CRTs usually have venting in the back, so that's rarely an issue. In this case, all I was blocking off was a speaker.
If you're into shooters, rotating your screen like this isn't a foreign concept, commonly referred to as "tate mode" (I'm actually surprised I haven't seen any other NES or SNES homebrews with a tate mode), but it's a good idea to unplug it for 10-15 minutes before turning it on, just to avoid the magnetism causing weird colors. I've done it a billion times in the past with the same TV.


So for the NES shmup I've been trying to design calls for a 3:4 ratio in vertical orientation (Mainly for gameplay structural reasons). I've considered tate mode as the scanline limit would nicely align with the bullet stream, but I worry that there would be no motivation for the common person to physically rotate their TV set. It's barely possible with emulators by having the OS rotate the entire screen.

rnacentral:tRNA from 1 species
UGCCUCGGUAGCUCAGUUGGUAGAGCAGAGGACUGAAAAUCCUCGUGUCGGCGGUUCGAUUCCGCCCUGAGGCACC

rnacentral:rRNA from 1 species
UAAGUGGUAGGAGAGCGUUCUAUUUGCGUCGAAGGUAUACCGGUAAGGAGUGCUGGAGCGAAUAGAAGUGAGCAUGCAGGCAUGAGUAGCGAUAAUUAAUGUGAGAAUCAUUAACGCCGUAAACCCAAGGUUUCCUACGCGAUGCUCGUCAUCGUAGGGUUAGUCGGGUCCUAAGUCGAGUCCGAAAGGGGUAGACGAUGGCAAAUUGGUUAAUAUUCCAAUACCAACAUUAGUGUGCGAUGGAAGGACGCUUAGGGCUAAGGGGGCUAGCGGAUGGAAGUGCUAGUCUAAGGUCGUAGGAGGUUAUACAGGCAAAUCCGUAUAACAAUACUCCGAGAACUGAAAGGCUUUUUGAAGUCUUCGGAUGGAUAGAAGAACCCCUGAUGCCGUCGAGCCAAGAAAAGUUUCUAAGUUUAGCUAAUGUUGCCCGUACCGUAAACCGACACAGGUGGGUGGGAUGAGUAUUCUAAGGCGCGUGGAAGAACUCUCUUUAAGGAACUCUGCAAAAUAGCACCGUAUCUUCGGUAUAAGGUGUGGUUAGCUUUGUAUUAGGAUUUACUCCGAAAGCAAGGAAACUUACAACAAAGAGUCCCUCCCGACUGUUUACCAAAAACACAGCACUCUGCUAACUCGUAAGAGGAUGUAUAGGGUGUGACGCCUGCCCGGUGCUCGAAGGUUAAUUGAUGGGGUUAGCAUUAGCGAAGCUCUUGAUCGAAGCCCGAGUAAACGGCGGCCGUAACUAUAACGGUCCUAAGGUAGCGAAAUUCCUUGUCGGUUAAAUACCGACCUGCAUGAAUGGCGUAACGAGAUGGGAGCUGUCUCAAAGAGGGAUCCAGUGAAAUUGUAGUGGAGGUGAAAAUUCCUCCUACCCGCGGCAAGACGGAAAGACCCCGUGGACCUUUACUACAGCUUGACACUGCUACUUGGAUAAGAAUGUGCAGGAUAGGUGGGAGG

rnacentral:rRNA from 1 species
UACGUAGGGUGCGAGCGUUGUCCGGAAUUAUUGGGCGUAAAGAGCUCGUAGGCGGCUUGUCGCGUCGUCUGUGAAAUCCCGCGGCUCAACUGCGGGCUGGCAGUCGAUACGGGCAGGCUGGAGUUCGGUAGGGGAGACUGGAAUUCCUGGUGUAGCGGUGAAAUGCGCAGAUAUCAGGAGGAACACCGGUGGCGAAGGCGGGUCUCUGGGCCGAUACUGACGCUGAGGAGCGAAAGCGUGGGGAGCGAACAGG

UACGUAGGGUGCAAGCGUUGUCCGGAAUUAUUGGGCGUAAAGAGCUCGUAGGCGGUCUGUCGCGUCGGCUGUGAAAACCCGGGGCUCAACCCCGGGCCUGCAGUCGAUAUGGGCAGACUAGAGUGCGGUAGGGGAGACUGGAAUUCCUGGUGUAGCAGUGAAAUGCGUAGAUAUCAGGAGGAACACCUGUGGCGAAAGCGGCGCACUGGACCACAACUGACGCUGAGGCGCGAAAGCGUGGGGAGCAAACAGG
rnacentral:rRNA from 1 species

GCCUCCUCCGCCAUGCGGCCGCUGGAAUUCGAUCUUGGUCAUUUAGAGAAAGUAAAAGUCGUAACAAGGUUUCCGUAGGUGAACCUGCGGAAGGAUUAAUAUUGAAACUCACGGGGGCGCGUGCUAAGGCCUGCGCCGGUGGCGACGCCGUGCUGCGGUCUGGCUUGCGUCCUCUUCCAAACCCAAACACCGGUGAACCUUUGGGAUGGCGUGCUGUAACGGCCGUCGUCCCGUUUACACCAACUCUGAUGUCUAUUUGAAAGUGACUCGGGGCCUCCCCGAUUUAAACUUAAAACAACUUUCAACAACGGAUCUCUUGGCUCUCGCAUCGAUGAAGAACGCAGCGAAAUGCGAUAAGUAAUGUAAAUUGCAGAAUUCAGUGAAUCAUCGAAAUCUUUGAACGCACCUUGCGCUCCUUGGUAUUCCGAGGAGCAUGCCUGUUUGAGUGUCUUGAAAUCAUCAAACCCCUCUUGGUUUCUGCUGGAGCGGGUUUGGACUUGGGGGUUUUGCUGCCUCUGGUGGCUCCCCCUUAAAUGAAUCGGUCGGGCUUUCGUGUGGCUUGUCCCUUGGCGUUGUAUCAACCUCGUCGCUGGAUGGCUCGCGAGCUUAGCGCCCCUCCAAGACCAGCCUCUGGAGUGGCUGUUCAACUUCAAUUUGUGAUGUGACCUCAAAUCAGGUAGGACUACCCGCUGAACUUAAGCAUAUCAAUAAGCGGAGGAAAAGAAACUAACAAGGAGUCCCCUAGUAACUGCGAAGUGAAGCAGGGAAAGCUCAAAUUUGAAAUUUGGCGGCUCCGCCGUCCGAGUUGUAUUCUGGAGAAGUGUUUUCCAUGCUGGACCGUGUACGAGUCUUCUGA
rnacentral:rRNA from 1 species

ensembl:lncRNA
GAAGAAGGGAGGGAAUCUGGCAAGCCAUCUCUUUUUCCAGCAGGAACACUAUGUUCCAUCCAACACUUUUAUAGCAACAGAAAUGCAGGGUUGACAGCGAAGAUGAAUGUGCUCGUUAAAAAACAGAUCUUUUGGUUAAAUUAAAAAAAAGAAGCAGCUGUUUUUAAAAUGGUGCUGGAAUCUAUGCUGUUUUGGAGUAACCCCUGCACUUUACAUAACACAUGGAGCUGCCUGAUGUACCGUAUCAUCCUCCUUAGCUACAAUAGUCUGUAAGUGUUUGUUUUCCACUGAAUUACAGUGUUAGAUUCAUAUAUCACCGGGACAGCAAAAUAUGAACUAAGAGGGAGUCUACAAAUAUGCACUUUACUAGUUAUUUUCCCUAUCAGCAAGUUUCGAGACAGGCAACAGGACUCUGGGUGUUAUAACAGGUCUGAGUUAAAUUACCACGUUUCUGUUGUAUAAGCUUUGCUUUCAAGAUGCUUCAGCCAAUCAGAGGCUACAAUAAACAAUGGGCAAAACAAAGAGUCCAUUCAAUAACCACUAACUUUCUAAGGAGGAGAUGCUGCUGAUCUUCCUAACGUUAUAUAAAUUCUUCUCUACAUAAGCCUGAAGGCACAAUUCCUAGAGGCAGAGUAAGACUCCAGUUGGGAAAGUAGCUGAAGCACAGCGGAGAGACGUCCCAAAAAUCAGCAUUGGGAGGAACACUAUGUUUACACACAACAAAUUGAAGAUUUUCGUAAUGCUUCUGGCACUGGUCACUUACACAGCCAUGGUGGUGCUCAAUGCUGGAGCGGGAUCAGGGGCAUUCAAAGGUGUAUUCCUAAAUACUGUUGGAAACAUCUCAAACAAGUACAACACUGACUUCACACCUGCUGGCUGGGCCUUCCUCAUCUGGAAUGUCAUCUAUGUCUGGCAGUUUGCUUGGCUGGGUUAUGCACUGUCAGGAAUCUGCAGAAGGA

I'm currently considering pillarboxing the already low resolution of the NES, That would somewhat help with the bandwidth of the background animations.


Top
 Profile  
 
PostPosted: Thu Nov 09, 2017 9:31 am 
Offline
Formerly WheelInventor

Joined: Thu Apr 14, 2016 2:55 am
Posts: 1020
Location: Gothenburg, Sweden
I guess you could hook up an NES to a flat screen and orient it however you like if placed on a table.

One of the most interesting screen configurations i've ever seen was at the soviet arcade museum filial in st:petersburg. It was mounted flat down like a board game, and a wheel and a foot pedal (and maybe a brakes pedal iirc... there was some means for braking anyway) was mounted in each corner on the broad sides. The wheels were stepless and infinite (i think they must've measured the delta-velocity).

It was basically a free-range obstacle course racer with a capture the flag element. The cars would wrap around the screen. 100% addictive with a full party of 4 players competing for the flags. (Hm... maybe i'll attempt a simple port-from-memory one far-away day when i have fewer project involvements...)